[...] DFW's writing reflects an attitude that is lovely: a touching, and for the most part well-founded, belief that you can explain anything with words if you work hard enough and show your readers sufficient respect. [...]
As an explanation for milder allergic reactions--and, having proselytized DFW's writing to many friends over the years, I've seen a few--some readers posit (often vaguely and fretfully) that there is some archness or smart-assery in DFW's literary style. This, to me anyway, is an unsupportable conclusion, given the obvious love that DFW brings to what he's writing about, and his explicitly stated opposition to irony-as-lifestyle in his essay E Unibus Pluram. Why do people see it when it's not there? It's something to do with the fact that his conspicuous verbal talent and wordplay create a nagging sense among some readers that there's a joke here that they're not getting or that they are somehow being made fools of by an agile knave. Which DFW was not.
So in reading Everything and More, cleverness or verbal pyrotechnics or archness are not the emotional tone that comes through to me, but a kind of open-soulness and desire to connect that were touching before, and heartbreaking after, David Foster Wallace succumbed, at the age of 46 to a cruel and incurable disease. Because of this we will not have the opportunity to enjoy and profit from many other explanations that it was in his power to supply on diverse topics, lofty and mundane, and so we must content ourselves with what he did leave behind--an impossibility given the pleasure and the insight he gave us in Everything and More, and his obvious ability to have provided much more, had fortune treated him with as much consideration as he did his readers.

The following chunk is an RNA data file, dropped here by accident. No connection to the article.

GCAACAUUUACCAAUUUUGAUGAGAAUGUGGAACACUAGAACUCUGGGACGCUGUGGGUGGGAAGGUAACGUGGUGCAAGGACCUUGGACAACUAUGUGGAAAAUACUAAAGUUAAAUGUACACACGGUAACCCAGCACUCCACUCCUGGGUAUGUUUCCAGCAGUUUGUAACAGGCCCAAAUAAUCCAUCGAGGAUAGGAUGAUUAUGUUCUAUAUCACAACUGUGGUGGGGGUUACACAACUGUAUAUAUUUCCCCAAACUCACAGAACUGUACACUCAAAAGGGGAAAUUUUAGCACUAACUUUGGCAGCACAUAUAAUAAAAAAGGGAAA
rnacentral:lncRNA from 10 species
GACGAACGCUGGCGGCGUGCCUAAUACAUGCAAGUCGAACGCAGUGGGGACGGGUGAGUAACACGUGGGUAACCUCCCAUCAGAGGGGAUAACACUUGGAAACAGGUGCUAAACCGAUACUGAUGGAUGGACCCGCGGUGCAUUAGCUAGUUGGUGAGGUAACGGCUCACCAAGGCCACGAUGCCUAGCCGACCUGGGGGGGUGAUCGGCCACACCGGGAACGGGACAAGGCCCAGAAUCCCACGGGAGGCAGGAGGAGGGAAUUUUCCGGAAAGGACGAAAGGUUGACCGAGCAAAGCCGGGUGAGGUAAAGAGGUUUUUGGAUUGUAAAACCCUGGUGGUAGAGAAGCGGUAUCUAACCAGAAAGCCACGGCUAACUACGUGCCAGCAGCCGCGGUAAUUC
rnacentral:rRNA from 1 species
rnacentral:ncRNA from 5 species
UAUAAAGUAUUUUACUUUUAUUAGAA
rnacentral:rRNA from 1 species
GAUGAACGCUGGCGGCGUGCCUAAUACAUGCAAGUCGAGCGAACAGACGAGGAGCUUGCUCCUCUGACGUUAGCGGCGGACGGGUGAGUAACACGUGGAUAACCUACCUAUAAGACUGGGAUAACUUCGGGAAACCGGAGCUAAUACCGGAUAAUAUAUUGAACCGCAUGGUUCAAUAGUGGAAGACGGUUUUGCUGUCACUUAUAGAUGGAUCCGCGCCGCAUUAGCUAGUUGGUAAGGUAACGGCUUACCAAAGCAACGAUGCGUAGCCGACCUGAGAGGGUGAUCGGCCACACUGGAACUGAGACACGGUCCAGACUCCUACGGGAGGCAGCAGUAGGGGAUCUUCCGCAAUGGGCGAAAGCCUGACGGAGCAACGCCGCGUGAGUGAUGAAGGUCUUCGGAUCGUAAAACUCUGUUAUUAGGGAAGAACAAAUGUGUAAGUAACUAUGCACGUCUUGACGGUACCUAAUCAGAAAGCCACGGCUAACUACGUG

something that i'd like to capture in my from-first-principles posts!
also, the "in his power" could be a sly reference to his undergraduate thesis in philosophy :D
[...] Calculus was realizing that something you had previously understood to be true in only a silly, facile way really had deep roots furled out underneath it that proved its worth and fireworks that shot up out of it too, newer and more complicated and more beautiful than what you had known before. And the roots and the fireworks talked to one another across the night air in a lyrical, sensible language. And assuming you did things as they were meant to be done, everything worked out perfectly. [...]
[...] The farther one descends among the lower schools the more, naturally enough, does one find teachers' and pupils' doubts of their own knowledge vanishing, and superficial culture mounting sky-high around a few precepts that have been drilled into people's minds for centuries, precepts which, though they have lost nothing of their eternal truth, remain eternally invisible in this fog of confusion.
[...] It might be that one of the really significant problems of today's culture involves finding ways for educated people to talk meaningfully with each other across the divides of radical specialization. [...] a particular kind of genius that's not really part of their specific area of expertise as such areas are usually defined and taught. There's not really even a good univocal word for this kind of genius--which might be significant. Maybe there should be a word; maybe being able to communicate with people outside one's area of expertise should be taught, and talked about, and considered as a requirement for genuine expertise. . . [...]
[...] The more philosophers I read, the clearer it seemed that each of them could carry their views back to first principles which were incompatible with the first principles of their opponents, and that none of them ever got to that fabled place 'beyond hypotheses'. There seemed to be nothing like a neutral standpoint from which these alternative first principles could be evaluated. But if there were no such standpoint, then the whole idea of 'rational certainty', and the whole Socratic-Platonic idea of replacing passion by reason, seemed not to make much sense.